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SUE CULLINAN (article first published : 2004-12-29)

Dear Sir,

Countless concertgoers must object most strongly to a review in The Times of the one-night performance by the KwaZulu-Natal Philharmonic and London Symphony orchestras at the Barbican (John Allison: November 18). The writer was clearly unqualified to judge the event, instead using the occasion to launch an extremely personal attack on South Africa's High Commissioner to Britain as well as on the composer and soloists.

Allison's opening sentence immediately betrayed a colonial and patronizing view out of place in this century: "It has at last been established that classical music has a role to play in the new South Africa."

What planet has he been living on? Has he visited the country in the last 10 years?

But this is to miss the point: the concert demonstrated more than anything before it what Africa can bring to classical music: in this case a richness of volume and harmony seldom heard in the rendition of Mendelssohn's Lobgesang.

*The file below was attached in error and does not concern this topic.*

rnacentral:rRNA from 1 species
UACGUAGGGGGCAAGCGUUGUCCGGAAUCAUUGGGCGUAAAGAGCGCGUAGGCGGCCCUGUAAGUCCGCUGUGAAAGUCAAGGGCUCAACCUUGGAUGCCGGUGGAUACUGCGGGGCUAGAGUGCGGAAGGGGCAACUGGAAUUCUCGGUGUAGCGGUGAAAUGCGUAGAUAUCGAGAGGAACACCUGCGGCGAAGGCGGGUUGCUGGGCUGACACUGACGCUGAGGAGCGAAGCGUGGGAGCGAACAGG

The premiere of Phelelani Mnomiya's composition around a poem by High Commissioner Lindiwe Mabuza took both classical and African traditions forward in a new direction which was thrilling to witness --- as evidenced by the standing ovation given by the audience at the end.

Allison reveals only his ignorance when he suggests there may be "better" composers than Mnomiya whose talents have been evident for some 20 years, and that the text for Zizi Lethu! was "naive". Does he speak Zulu? Would he judge an Italian libretto on its English translation? And does he understand the African tradition of a praise poem?

His political attack on High Commissioner Lindiwe Mabuza is deeply offensive. Dr Mabuza is a widely recognised critic, poet and writer who lectured in English literature in the US before entering the diplomatic corps in 1994. I would suggest that her talents are so far in advance of Mr Allison's that his "smart career move" might be to avoid all multicultural events that so clearly test his limitations.

Sue Cullinan, London




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